Democrats, meanwhile, celebrated their success in going beyond holding together the coalition that delivered victory in Georgia for President-elect Joe Biden in November. Both Warnock and Ossoff were leading their GOP rivals by more votes than Biden’s margin over Trump — thanks in large part to strong turnout among Black voters.
“Once again, the nation is realizing what we have known all along: Georgia is a battleground state thanks to the relentless work done toward investing in and turning out voters of color,” Nsé Ufot, CEO of the New Georgia Project, said in a statement.
“Through Rev. Warnock, voters of color and progressive white voters brought us this much closer to the bold vision for justice and equality we have been organizing for through the years. We are undoing a history of voter suppression and injustice in Black and Brown communities. The changes we are seeing now didn’t happen overnight, and we are not solving our challenges with just one vote.”
Even before Ossoff declared victory, Republicans were already beginning to blame Trump for the party’s poor performance, saying his futile, baseless effort to overturn his own loss in November bitterly divided the party and undercut its candidates in Georgia, who were trying to portray a continued GOP Senate majority as a firewall against Democratic power.
“The president effectively eliminated the most potent Republican argument by refusing to acknowledge he lost in November,” said Josh Holmes, a GOP strategist close to Senate Majority Leader Mitch McConnell of Kentucky.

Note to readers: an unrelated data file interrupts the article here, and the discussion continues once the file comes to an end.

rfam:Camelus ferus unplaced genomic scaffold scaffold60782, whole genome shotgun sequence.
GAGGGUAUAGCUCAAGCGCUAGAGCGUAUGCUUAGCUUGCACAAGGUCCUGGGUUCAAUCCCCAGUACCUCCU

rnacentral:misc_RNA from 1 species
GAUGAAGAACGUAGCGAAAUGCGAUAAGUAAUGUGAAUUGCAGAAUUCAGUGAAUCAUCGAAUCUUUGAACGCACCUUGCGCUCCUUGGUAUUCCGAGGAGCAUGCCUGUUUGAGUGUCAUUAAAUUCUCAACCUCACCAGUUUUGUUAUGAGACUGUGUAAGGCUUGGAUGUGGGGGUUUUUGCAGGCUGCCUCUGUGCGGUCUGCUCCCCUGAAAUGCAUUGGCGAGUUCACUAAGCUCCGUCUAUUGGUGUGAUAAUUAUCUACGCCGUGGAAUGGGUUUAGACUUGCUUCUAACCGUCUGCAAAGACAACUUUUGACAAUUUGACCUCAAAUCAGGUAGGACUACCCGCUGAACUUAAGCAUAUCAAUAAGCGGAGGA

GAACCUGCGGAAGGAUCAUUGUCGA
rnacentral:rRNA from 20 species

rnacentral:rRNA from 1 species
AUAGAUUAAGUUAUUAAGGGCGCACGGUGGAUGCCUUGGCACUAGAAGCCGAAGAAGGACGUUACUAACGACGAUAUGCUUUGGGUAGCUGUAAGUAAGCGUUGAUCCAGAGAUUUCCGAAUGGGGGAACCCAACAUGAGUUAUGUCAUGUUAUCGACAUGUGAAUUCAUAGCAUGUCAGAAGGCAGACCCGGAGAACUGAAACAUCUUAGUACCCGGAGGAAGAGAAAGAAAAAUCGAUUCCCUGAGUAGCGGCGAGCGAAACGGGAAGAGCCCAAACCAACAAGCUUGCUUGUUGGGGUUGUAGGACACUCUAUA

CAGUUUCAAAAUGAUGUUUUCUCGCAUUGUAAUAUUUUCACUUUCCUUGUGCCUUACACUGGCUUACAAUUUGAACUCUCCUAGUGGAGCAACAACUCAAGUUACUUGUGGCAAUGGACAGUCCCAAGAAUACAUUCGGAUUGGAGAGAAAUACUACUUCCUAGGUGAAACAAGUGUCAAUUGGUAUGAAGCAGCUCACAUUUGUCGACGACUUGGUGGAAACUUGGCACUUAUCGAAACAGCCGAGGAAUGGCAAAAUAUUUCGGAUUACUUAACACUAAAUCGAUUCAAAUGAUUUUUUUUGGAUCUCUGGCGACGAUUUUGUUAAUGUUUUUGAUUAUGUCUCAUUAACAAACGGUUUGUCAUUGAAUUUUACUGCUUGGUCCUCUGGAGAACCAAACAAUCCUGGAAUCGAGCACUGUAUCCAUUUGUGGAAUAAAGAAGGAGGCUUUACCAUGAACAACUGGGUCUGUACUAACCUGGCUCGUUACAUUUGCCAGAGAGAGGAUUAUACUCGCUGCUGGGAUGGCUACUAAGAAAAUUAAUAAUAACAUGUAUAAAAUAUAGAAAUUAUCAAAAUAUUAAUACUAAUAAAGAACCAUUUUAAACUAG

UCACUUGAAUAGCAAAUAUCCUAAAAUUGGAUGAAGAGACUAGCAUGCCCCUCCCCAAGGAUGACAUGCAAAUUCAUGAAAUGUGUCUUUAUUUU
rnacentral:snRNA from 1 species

Holmes, who described the mood of the GOP now as “boiling,” said Republicans’ embrace of Trump-era conspiracy theories had especially hurt the party among suburban voters.
In his autopsy of Republicans’ loss, Newt Gingrich, the former House speaker from Georgia, credited Stacey Abrams’ “remarkable” ground game, urging Republicans to “study her and what she has achieved, and figure out how to match or overmatch it.” He also blamed Republicans’ distraction by the civil war between Trump and Gov. Brian Kemp and Secretary of State Brad Raffensperger, the failure of the campaigns to capitalize on Trump’s success with Latino voters and the bombardment of negative ads.
“These two races were winnable,” he concluded. “But all too many of the participants, supporters, and major players had agendas that put the GOP victory at risk. The result is a nightmare from which we will spend years recovering.”
Bernard L. Fraga, a political scientist at Emory University, tweeted that it was likely that more Black voters cast ballots in the runoff than in the presidential election, a remarkable reversal of the typical drop in Black turnout in such contests. Overall turnout is likely to come in at just under 90% of what it was in November.
“VICTORY in Georgia must lead to transformative change across America!” Rep. Pramila Jayapal, D-Wash., chair of the Congressional Progressive Caucus, said on Twitter. “Recurring survival checks, union jobs that pay a living wage, guaranteed health care, racial justice, voting rights, immigration reform, climate action, repro justice, education, and MUCH more.”
The level of government aid to Americans hit hard by the COVID-19 pandemic was among the curveballs Trump threw at the Republican candidates in Georgia. The president made an eleventh-hour pitch to increase to $2,000 the $600 checks to individuals that Congress was going to approve as part of COVID-19 relief legislation.
The GOP-controlled Senate rejected that idea, even though Perdue and Loeffler backed the increase. Biden, speaking in Georgia on Monday, seized on the issue by promising to provide $2,000 if Democrats won control of the Senate.
Rick Tyler, a Trump critic who was a political adviser to Gingrich, said: “You would have to credit President Trump with completing his trifecta of losing the House, the White House and now the Senate. Will the Republican Party ever wake up?”